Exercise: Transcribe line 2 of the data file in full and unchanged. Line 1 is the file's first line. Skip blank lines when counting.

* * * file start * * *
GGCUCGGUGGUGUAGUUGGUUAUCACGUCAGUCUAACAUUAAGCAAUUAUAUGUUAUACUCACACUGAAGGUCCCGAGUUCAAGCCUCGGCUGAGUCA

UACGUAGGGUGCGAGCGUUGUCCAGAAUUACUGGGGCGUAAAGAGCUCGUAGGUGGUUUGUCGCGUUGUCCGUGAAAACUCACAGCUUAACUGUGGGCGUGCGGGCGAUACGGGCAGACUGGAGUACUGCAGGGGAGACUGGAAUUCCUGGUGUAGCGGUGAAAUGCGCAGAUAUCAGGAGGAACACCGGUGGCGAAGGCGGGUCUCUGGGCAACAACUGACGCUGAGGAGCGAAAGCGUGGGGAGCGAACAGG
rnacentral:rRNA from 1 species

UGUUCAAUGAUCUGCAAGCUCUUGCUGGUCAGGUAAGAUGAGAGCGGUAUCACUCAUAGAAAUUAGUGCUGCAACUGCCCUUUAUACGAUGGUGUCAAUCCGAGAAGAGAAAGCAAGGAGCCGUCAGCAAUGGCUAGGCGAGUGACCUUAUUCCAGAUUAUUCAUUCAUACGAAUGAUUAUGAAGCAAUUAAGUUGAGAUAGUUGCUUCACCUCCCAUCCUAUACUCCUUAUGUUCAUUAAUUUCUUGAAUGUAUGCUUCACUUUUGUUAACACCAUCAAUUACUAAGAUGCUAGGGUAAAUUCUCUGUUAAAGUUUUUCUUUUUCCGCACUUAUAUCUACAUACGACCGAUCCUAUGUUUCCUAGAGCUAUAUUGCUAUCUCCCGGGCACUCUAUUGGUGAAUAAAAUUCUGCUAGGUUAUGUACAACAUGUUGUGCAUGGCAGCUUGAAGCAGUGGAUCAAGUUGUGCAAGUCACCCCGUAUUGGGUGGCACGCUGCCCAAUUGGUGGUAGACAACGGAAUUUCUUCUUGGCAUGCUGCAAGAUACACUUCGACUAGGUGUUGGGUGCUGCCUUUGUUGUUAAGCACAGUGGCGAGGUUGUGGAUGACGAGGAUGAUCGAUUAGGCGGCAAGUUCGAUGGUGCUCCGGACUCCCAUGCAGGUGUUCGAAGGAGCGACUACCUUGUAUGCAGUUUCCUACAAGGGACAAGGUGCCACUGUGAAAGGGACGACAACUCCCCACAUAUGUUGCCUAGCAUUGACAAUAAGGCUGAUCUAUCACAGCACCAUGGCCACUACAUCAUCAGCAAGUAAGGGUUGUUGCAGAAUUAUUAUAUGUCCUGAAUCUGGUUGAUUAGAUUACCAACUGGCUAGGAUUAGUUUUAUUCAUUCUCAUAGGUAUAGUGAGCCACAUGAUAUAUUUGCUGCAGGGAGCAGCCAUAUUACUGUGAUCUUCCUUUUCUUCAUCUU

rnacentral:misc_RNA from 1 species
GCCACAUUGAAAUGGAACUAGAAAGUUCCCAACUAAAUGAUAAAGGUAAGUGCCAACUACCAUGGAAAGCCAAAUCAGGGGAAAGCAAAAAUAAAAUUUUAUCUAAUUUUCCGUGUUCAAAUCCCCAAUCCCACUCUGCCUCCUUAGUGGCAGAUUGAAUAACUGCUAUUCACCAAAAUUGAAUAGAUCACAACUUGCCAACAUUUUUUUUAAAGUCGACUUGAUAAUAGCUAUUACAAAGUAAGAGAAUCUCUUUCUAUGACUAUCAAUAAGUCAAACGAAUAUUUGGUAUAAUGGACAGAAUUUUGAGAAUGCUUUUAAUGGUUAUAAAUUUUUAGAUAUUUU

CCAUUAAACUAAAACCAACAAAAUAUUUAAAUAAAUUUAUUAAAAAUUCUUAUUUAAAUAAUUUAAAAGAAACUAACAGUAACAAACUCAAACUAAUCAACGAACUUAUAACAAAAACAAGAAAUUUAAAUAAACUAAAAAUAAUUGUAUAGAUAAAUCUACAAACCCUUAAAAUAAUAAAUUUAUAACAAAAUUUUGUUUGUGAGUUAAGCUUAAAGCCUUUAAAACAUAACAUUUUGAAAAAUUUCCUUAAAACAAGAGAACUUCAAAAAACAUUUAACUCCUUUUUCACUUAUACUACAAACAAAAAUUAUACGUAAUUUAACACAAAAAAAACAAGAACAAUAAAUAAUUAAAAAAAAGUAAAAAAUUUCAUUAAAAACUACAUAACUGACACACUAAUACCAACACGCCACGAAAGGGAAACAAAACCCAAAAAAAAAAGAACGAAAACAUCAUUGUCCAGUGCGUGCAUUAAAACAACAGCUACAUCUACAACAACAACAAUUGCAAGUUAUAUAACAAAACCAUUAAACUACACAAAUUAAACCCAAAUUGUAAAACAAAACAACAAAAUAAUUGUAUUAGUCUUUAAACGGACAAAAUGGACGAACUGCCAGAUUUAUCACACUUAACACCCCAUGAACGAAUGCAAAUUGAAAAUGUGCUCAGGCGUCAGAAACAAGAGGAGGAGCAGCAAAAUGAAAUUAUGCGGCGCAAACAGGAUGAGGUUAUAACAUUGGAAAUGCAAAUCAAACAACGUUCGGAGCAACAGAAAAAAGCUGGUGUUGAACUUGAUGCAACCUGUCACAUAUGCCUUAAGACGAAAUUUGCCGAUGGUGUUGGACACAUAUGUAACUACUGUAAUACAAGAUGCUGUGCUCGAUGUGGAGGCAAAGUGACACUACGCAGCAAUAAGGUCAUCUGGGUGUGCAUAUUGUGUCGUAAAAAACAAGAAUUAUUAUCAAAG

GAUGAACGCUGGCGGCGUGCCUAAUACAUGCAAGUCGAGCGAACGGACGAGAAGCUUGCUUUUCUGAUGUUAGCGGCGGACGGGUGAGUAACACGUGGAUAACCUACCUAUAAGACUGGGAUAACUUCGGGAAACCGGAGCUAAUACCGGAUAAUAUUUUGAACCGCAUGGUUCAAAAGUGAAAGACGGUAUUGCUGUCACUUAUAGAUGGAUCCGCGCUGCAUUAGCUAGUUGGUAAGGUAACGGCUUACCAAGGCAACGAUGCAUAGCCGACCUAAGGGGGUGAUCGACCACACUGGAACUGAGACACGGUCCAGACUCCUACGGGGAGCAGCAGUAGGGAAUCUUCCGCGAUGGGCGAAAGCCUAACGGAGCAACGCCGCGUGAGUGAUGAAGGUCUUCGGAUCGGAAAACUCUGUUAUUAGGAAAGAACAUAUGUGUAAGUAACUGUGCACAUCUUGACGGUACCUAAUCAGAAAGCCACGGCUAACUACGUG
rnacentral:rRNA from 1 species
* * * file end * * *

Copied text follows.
UACGUAGGGUGCGAGCGUUGUCCAGAAUUACUGGGGCGUAAAGAGCUCGUAGGUGGUUUGUCGCGUUGUCCGUGAAAACUCACAGCUUAACUGUGGGCGUGCGGGCGAUACGGGCAGACUGGAGUACUGCAGGGGAGACUGGAAUUCCUGGUGUAGCGGUGAAAUGCGCAGAUAUCAGGAGGAACACCGGUGGCGAAGGCGGGUCUCUGGGCAACAACUGACGCUGAGGAGCGAAAGCGUGGGGAGCGAACAGG